Alumni Spotlight | Libby Leonard (Theatre '10)

Libby LeonardWas there a specific faculty member or peer who especially inspired you while at the School of the Arts? If so, who and how?
 
I have a five-way tie. While at school, I was in the theatre department, but was an interloper in the other departments as much as they'd allow it, and because of it I had a true bed of hands to fall back on, helping me develop into the multifaceted artist I wanted to be. Charles Mee who was my playwriting professor, became a mentor to me, not only teaching me what it is to collaborate, but opening up my mind to what a play can actually be, changing my entire way of looking at theatre. Frank Pugliese taught me about how to structure my work, and was also extremely supportive of me as a writer outside the classroom. Bob Holman infused me with a love of poetry that I had never had. His way of life made everyone turn electric in his presence, and that showed in our work and continued on in our friendships outside the classroom. Then there was Henry Bean, who also taught me how best to tell my stories, and took a lot of time to be extremely available with me and the other students. He is zen master, and a true teacher/mentor. Finally, Jamal Joseph taught me not only how to be a better artist, but a better human being. Just standing in the room with that guy fills you with joy and makes you a better person.  
 
 
How did attending the School of the Arts impact your work and career as an artist?
 
Before attending School of the Arts, I knew that there was something more I wanted to explore in my work, but wasn't entirely sure what it was. It was only a feeling I had, a buzz. I remember walking into Chuck Mee's first class, and within the week, I had been exposed to the kind of theatre that matched the buzz I was feeling. From then on in the program, I was able to meet future collaborators, doors opened for me in the theatrical community that would have never opened without the support and outlet of the department. Also, the time I was afforded to write and explore, and the diversity of the other people I was studying with helped open up my mind in a way that I would've never discovered outside of school. Attending was one of the best decisions I've ever made.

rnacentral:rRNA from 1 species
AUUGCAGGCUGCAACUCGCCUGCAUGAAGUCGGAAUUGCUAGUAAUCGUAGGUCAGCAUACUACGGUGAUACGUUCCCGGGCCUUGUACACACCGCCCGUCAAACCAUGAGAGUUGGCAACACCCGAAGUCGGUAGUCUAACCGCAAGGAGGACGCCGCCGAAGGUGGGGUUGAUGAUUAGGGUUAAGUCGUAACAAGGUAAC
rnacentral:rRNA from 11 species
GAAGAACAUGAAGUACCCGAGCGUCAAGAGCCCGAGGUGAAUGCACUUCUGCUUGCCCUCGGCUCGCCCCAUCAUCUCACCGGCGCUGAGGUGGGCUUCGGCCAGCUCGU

What were the most pressing social/political issues on the minds of the students when you were here?
 
I was there during the 2008 elections, which was extremely exciting. Also, when Iranian president Mahmoud Ahmadinejad visited campus. I ended up skipping class, because I wanted to see the broadcast on the lawn, thinking it was more important than theatre history. After the broadcast was over, I went upstairs to Andy Hammerstein's class, and found that everyone had been discussing it in class. I was so happy I was able to be in a place that wanted to intelligently engage in the current political climate.
 
 
What was your favorite or most memorable class while at the School of the Arts?
 
My most memorable class was Exploding Text with Bob Holman. It was a class where people from every department could join in, and we just kind of mashed all kinds of different art together, which culminated in a weird avant garde performance at The Bowery Poetry Club at the end of the semester. It was probably one of the most fun experiences I've ever had. I also met some of the best, most talented, inspiring people I know in that class.
 

About Libby Leonard
 
Her plays have been workshopped, produced, developed, and commissioned by The Hangar Theatre, NYTW, Woodshed Collective, Source Festival D.C.,Samuel French OOB Festival, Columbia University and The Great Plains Theatre Conference. She is a recipient of the Alan Minieri Memorial Playwriting Award, two Cherry Lane Mentor nominations, a finalist for the O'Neill Conference, and a Semi-Finalist for the P73 Fellowship. Her TV Pilot The Still Life was one of the 25 finalists for the Fox Comedy Pilot Competition at the NYTV festival, and her screenplay version of The Armchair Travelers was a quarter-finalist for the Academy Award's Nicholl Fellowship. She received her MFA in Playwriting from Columbia University, where she was a Liberace Scholar, Howard Stein Fellow, and Shubert Fellow. She currently writes interactive comics for a living, among several other things.
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Columbia University School of the Arts offers MFA degrees in Film, Theatre, Visual Arts, and Writing, an MA degree in Film Studies, a joint JD/MFA degree in Theatre Management & Producing, a PhD degree in Theatre History, Literature, and Theory, and an interdisciplinary program in Sound Arts.